RIM responds to critical open letter from unnamed worker
BlackBerry maker claims 'excitement and optimism' within ranks
Research in Motion questioned the authenticity of an open letter posted today that bashed RIM management, saying also that there is "excitement and optimism" within its ranks.
RIM told Computerworld by email that it is in the process of streamlining its operations and that RIM's management team "takes these challenges seriously and is actively addressing the situation."
The blistering letter was posted on the BGR website anonymously on Thursday, but BGR said it verified it was written by a high-level RIM worker.
In response, RIM said it was difficult to address anonymous commentary, adding, "It is particularly difficult to believe that a 'high-level employee' in good standing with the company would choose to anonymously publish a letter on the Web rather than engage their fellow executives in a constructive manner."
RIM's response adds: "Whether the letter is real, fake, exaggerated or written with ulterior motivations, it is fair to say that the senior management team at RIM is nonetheless fully aware of and aggressively addressing both the company's challenges and its opportunities."
RIM said it is "thankfully in a solid business and financial position to tackle the opportunities ahead." It mentioned having no debt with nearly $3 billion in cash, a strong profit of $695 million in the last quarter and 67% growth in international revenue in the first quarter over the same quarter in 2011.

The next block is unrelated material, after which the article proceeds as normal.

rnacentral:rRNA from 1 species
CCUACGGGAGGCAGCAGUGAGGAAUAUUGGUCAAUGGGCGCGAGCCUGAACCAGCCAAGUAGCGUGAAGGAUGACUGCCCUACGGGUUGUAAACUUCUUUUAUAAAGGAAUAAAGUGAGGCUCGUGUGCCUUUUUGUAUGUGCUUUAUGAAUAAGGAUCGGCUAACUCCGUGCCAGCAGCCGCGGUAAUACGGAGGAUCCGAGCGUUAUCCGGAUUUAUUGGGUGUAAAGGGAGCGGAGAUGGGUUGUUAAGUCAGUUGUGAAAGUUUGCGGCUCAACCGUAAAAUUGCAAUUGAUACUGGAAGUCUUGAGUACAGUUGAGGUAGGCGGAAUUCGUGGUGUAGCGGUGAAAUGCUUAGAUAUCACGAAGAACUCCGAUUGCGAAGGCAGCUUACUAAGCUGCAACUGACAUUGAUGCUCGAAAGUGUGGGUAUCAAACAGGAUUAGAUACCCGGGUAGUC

RIM also said it is shipping about 100 smartphones each minute, 24 hours a day. That number is based upon the 13.2 million BlackBerry devices shipped in the first quarter.
The 13.2 million smartphones shipped was down from the original expectation of 14.5 million for the quarter, a reduction that helped create a strong market reaction that led RIM's stock price to tumble by more than 15% when the quarter was reported on June 16.
RIM's statement also said it had undergone a period of hyper growth over five years, during which RIM quadrupled in size, leading to the need to streamline operations.
RIM discussed job cuts in its June quarter report, but did not offer many details.
Matt Hamblen covers mobile and wireless, smartphones and other handhelds, and wireless networking for Computerworld. Follow Matt on Twitter at @matthamblen or subscribe to Matt's RSS feed. His e-mail address is firstname.lastname@example.org.
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